This article was co-authored by Willie Soon. If anybody has a way to contact Bill Nye, make sure he sees this.
Bill “The Science Guy” Nye went on CNN recently and pleaded for a serious national discussion on global warming. This is an odd request because it appears we’ve been talking about nothing else but global warming for thirty years.
Evidently, Nye doesn’t think this non-stop chatter was sufficient. He said that if we talked about global warming in the same way we talk about “stuff” like “Ferguson or Baltimore” then “we would be doing something about” global warming.
Neither of us are sure precisely what Nye meant—was he asking how the mainstream media often gin ups controversy?—but in the proper spirit of amity and cooperation, we accept Nye’s offer to talk.
Let’s talk about how for about the past two decades people like Nye have been promising the global temperature would increase, yet it hasn’t. Let’s try and figure out why knowledge this like isn’t more generally known. Let’s especially discuss why Nye, who purports to be an expert on climatology, doesn’t know this amazing fact.
We also need to consider why Nye and others blame every routine storm on global warming. Nye in his interview said “it’s very reasonable that the floods in Texas, the strengthening storms…are a result of human activity making things worse.” We really need to talk about this, because it’s false. It isn’t at all reasonable to believe storms are strengthening when, as we just mentioned, temperatures have not been increasing. Indeed, it’s unreasonable, incompetent, and irresponsible to make a claim that has been repeatedly debunked: storms are not growing stronger.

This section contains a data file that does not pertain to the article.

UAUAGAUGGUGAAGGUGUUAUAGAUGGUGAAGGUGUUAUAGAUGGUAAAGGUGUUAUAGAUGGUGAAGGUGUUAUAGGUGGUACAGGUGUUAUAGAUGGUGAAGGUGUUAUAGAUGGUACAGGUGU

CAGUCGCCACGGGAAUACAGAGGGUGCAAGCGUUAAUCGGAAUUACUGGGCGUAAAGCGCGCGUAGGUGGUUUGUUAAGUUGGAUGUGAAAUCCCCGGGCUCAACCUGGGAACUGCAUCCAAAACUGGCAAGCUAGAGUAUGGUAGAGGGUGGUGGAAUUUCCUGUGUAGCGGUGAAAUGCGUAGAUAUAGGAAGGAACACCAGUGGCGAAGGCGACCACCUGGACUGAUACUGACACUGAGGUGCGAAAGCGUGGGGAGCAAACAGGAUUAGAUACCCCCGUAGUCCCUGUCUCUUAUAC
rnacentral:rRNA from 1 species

Let’s chat, too, about how global sea ice has been growing, which is another way to say it is not melting rapidly, as was predicted many, many times. We can even talk about the many other failed predictions, like polar bear extinctions. Isn’t it odd that predictive failure never hurts global warming proponents?
That this failure doesn’t hurt is why scientists need to talk about why one of the fundamental tenets of science has been forgotten. It used to be, Bill, that when a model made failed predictions, the model was no longer believed. Can you remember that time? But now scientists appear to believe models because the predictions they make are politically and culturally pleasing! Being correct no longer seems to matter. Why? We ask, because this a subject with which you have some familiarity.
Mr Nye, why is it that so many politicians and your journalist friends can only imagine global warming will cause harm? Stick with us, because this is actually a great question. Why can’t, for instance, global warming be responsible for an increase in clement summer afternoons or in less harsh and deadly winters? Why can’t the increased carbon dioxide, a necessary plant food, result in larger crops? Why is it, in short, that global warming stories always sounds like bad science fiction?
Can we also speak about why “global warming” is now “climate change”?
Let’s have a sober dialogue about why every “solution” to global warming involves increasing the reach and power of government. Doesn’t it sound suspicious that the way to “save the planet” is always cede more power to the UN and to regulatory agencies?
And while we’re on the subject of politics, let’s talk about “hate” speech. Did you know, Bill, that many people who express uncertainty in global warming are called “deniers”? Does that sound scientific to you? Worse, some people foolishly call skeptics “unpatriotic”.
That was your word, Bill. Can we talk about how you, an engineer, untrained in atmospheric sciences, can call people like us, who are climate scientists, “unpatriotic”? Do you think this is helpful? If so, how does calling us preposterous untrue names advance science? We really need to chat about this, Bill, because it sounds as if you’re trying to stifle the truth.
Still, in the end we agree with you, Bill. Something should be done. What? Like, for instance, moving on to more important and interesting problems.
Update I have no idea how that repeated paragraph got there. My enemies are more powerful than I imagined!